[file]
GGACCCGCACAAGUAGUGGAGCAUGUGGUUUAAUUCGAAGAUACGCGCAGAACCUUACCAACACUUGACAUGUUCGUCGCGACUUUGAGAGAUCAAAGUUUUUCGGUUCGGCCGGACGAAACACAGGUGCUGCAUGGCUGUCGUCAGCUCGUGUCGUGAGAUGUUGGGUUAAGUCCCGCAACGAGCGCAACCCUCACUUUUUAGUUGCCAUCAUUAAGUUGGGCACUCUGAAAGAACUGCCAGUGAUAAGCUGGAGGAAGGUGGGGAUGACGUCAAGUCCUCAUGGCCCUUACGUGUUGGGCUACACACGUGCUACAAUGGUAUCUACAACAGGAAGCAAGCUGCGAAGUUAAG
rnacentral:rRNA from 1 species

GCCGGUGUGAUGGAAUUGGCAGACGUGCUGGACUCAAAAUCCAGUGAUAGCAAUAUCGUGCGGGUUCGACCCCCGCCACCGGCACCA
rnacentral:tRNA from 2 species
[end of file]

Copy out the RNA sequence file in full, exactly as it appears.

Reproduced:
GGACCCGCACAAGUAGUGGAGCAUGUGGUUUAAUUCGAAGAUACGCGCAGAACCUUACCAACACUUGACAUGUUCGUCGCGACUUUGAGAGAUCAAAGUUUUUCGGUUCGGCCGGACGAAACACAGGUGCUGCAUGGCUGUCGUCAGCUCGUGUCGUGAGAUGUUGGGUUAAGUCCCGCAACGAGCGCAACCCUCACUUUUUAGUUGCCAUCAUUAAGUUGGGCACUCUGAAAGAACUGCCAGUGAUAAGCUGGAGGAAGGUGGGGAUGACGUCAAGUCCUCAUGGCCCUUACGUGUUGGGCUACACACGUGCUACAAUGGUAUCUACAACAGGAAGCAAGCUGCGAAGUUAAG
rnacentral:rRNA from 1 species

GCCGGUGUGAUGGAAUUGGCAGACGUGCUGGACUCAAAAUCCAGUGAUAGCAAUAUCGUGCGGGUUCGACCCCCGCCACCGGCACCA
rnacentral:tRNA from 2 species